This study used data collected from a smoking cessation program (N = 146) to evaluate whether subjective social status was indirectly associated with smoking cessation through nicotine withdrawal symptoms. Findings indicated that subjective social status was indirectly associated with smoking cessation through withdrawal symptoms, specifically through anger and anxiety symptoms. People with lower subjective social status reported more withdrawal symptoms, particularly symptoms related to anger and anxiety, shortly after a quit attempt, and as such, were less likely to achieve smoking abstinence. Findings from this study provide insight into why socioeconomically disadvantaged adults are less likely to remain abstinent after a quit attempt.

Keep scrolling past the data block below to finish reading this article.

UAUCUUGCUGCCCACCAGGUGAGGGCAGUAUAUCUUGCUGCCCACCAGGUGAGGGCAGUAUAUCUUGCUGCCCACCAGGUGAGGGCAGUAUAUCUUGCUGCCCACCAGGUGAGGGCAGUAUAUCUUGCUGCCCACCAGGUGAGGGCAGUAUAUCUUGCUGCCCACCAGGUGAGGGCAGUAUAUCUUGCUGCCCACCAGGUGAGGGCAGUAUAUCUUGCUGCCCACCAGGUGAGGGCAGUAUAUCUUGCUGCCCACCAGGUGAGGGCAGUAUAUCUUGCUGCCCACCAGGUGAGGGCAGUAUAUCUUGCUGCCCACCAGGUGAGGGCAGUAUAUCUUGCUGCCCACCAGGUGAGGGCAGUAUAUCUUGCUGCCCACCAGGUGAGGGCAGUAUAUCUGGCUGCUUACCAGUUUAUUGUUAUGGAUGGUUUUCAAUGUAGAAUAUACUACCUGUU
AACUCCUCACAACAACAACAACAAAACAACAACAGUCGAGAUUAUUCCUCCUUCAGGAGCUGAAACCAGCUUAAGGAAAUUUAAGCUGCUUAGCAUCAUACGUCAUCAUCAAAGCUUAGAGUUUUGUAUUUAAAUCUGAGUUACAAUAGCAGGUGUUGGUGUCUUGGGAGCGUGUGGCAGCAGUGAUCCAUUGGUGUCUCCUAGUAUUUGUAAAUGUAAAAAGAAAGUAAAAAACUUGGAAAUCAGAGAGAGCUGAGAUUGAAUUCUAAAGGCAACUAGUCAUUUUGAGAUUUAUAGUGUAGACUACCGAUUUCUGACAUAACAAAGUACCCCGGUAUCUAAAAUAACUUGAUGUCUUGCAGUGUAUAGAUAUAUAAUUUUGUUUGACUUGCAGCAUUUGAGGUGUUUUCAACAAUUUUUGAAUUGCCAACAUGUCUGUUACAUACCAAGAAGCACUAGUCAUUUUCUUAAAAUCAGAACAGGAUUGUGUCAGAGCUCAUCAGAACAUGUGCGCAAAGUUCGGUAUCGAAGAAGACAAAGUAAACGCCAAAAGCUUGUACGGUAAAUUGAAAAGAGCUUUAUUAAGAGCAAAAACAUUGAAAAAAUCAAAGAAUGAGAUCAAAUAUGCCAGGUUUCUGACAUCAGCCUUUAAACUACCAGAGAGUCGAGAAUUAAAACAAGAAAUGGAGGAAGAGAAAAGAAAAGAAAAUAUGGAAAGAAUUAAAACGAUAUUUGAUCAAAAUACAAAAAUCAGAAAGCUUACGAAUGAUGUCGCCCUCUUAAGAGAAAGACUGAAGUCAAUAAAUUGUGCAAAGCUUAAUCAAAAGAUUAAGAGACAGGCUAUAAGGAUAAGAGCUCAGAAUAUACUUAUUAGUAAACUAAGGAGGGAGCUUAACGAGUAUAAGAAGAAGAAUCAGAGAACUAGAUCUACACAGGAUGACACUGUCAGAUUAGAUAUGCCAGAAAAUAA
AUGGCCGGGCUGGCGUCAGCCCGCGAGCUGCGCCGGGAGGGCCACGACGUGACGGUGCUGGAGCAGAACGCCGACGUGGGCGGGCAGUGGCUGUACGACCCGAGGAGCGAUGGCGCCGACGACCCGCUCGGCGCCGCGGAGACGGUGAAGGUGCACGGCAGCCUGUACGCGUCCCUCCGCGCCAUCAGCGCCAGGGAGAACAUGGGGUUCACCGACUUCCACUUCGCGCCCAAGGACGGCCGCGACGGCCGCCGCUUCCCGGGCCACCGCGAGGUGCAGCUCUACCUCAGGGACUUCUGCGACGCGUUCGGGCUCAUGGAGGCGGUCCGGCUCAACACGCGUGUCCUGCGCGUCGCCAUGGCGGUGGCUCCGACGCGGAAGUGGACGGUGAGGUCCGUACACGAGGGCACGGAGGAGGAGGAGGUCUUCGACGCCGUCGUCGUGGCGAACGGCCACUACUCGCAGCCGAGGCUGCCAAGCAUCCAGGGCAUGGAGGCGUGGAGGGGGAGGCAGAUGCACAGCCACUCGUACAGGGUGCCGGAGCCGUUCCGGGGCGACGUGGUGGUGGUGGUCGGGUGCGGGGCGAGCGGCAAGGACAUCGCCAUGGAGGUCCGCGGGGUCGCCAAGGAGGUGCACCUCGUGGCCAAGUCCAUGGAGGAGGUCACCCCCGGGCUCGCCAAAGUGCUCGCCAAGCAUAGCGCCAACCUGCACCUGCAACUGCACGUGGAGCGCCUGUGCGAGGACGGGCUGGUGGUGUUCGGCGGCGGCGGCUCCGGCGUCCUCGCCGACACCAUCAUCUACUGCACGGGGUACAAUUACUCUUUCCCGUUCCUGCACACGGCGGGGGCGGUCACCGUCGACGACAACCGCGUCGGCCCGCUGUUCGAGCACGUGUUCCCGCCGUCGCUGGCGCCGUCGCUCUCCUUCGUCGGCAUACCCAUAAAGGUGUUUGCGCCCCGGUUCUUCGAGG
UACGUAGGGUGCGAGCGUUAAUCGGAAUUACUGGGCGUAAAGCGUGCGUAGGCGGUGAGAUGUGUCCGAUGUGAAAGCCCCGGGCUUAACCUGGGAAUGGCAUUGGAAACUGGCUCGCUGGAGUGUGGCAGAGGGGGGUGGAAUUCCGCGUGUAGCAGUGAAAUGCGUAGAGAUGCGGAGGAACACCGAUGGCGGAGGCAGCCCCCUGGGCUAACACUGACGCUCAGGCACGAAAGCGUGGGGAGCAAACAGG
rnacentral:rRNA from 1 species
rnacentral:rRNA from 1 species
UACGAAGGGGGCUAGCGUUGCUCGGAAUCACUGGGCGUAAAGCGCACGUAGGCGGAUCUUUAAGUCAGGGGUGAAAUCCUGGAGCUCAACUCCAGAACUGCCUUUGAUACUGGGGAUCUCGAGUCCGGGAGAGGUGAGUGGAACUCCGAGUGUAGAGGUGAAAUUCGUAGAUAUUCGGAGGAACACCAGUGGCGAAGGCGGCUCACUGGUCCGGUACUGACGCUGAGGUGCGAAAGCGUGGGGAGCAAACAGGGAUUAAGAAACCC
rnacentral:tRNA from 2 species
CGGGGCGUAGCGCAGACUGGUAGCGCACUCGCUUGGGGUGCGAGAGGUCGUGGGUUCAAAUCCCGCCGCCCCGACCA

Keywords: smoking; socioeconomic status; subjective social status; tobacco; withdrawal.